Dear Governor Synder,
I am writing to you today as a 32-year-old working resident of Michigan who is longing for employment and residence in a state that offers better public transportation. I have not given up on Michigan yet, though. I feel there are things that can be done here by our government, without spending millions on new infrastructure, to improve public transportation in Southeast Michigan.
Why improve public transportation here? Because I believe it would seriously stimulate our economy and attract businesses if we could get to work and play without a car, freeing up thousands a year to spend on other things.
Split the Amtrak
While it is not my field of study or employment, transportation is a passion of mine. Perhaps experts or professional research will prove me wrong but here is my thought: Split the Amtrak line between Pontiac and Chicago into two lines. One line will run between Ann Arbor and Chicago three times daily and the other between Ann Arbor and Pontiac a dozen or more times daily. This new line between Ann Arbor and Pontiac will serve those who can’t or don’t want to drive into and out of Detroit for work and recreation. This line already exists and would not take up additional traffic lanes or require new track.
It would also help free up our overburdened highways and bridges. This line has stops in or near major cities such as Pontiac, Birmingham, Royal Oak, Midtown Detroit, Dearborn and Ann Arbor. Increased service and use would fuel increased demand for new stations and busses to close by destinations such as Great Lakes Crossing, The Palace of Auburn Hills, DTE Music Theater, Meadowbrook Theatre, Oakland University, Somerset, downtown Birmingham, the Detroit Zoo, downtown Ferndale, Russell Industrial Center, The Dequindre Cut, Eastern Market, Hamtramck, downtown Detroit, Wayne State, The Henry Ford, Greenfield Village and Detroit Metro Airport.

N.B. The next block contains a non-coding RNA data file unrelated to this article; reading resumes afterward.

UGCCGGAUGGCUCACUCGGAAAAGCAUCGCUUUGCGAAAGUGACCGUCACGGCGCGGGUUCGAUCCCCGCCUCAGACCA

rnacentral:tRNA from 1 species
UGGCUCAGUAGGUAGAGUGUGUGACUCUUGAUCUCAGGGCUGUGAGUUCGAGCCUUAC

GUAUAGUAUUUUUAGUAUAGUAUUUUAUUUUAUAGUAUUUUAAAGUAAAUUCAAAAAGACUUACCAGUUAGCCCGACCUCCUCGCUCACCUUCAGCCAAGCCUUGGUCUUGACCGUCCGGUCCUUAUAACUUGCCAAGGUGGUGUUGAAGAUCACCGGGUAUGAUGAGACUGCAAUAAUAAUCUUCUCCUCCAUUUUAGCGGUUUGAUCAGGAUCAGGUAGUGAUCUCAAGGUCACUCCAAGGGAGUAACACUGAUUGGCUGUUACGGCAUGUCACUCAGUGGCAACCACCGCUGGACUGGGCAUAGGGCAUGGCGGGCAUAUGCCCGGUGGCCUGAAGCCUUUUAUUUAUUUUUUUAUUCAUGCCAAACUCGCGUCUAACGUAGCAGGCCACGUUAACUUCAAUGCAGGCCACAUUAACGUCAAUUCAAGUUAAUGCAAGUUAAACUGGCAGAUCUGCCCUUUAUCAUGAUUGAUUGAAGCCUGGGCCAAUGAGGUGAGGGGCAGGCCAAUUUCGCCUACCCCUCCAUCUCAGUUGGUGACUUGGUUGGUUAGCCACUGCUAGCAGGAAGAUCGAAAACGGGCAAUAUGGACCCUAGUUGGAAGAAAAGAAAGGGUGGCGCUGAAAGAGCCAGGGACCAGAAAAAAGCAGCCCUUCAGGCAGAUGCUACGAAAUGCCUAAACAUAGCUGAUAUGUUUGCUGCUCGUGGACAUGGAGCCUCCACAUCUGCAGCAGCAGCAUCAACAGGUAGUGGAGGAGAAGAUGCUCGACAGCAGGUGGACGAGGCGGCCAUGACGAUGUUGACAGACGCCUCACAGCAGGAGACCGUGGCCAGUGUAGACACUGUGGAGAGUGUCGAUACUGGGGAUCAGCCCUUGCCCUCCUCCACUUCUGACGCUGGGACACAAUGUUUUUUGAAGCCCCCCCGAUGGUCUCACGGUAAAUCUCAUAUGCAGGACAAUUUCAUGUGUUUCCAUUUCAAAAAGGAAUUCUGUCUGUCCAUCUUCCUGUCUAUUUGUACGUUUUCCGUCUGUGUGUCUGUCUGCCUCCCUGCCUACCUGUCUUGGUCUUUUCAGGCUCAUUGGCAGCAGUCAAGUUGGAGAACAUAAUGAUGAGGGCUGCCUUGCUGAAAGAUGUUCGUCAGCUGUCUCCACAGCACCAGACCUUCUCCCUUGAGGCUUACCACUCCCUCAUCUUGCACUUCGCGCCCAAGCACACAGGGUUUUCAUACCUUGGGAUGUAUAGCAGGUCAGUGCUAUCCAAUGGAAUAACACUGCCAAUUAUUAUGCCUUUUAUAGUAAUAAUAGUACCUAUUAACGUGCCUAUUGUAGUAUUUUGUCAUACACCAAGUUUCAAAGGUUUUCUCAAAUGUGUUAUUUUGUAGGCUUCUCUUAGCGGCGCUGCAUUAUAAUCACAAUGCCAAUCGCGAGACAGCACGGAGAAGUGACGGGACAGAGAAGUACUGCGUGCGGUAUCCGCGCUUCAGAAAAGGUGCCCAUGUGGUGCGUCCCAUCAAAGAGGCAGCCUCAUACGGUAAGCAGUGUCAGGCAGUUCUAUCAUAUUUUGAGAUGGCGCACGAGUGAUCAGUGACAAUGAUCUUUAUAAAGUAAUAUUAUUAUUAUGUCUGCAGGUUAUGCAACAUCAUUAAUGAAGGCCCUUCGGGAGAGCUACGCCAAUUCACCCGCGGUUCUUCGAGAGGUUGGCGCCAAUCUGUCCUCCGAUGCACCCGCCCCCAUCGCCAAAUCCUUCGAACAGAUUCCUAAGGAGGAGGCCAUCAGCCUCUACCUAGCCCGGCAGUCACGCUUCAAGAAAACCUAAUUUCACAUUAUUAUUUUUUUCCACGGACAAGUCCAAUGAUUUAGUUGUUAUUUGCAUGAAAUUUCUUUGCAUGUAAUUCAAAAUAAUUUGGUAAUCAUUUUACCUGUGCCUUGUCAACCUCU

I believe this service would attract employees, employers, sports enthusiasts and consumers. It would also compliment projects like the Troy Transit Center and the M1-Light Rail.
The parking problem
Since most existing train stations were built well before the invention of the automobile, parking remains a constant constraint on the growth of our cities. New construction is stunted and demolition of potential residential/business spaces results from increased demand for auto parking spaces. Several examples come to mind. Downtown Detroit (Foxtown) remains 50% business and 50% parking to accommodate visitors to baseball, hockey, football, concerts, casinos and other large events. Parking fees often exceed $20 on game days.
Unless you can bring these people, who mostly live outside of Detroit, quickly and economically by rail to downtown, the need for parking will continue to keep downtown from growing. Another example is that of the event in Royal Oak called Arts, Beats and Eats. It is a major automotive sponsored event that moved from Pontiac to Royal Oak a few years ago. This event would greatly benefit from increased rail service.
I strongly believe that if there was a train that ran between Ann Arbor and Pontiac every half an hour or hour, this event would draw more people from up and down the line than ever before and would not be constrained by the availability of parking spaces. The cost and availability of parking often deters people from attending events but most attend anyway because there is no other alternative.
The train to work
This idea goes beyond ball games though. There are residents in Detroit who work in the Metro area who take multiple busses to get to work who would benefit from increased train traffic. There are people who have moved to the city and want to give up their car but still want to visit the suburbs for shopping and entertainment. When people fly into Detroit, they are forced to rent cars or take a long, expensive taxi ride to their destination. When I flew into Baltimore airport last year we took a free shuttle from the airport to the Amtrak station. If only we had that luxury.
I believe a better alternative is owed to the people of the state of Michigan and you are a governor who gets things done. If you would like to hear more about my ideas, please do not hesitate to contact me. I will do whatever I can to bring about positive change in our great state.
David Gifford, Rochester, Michigan
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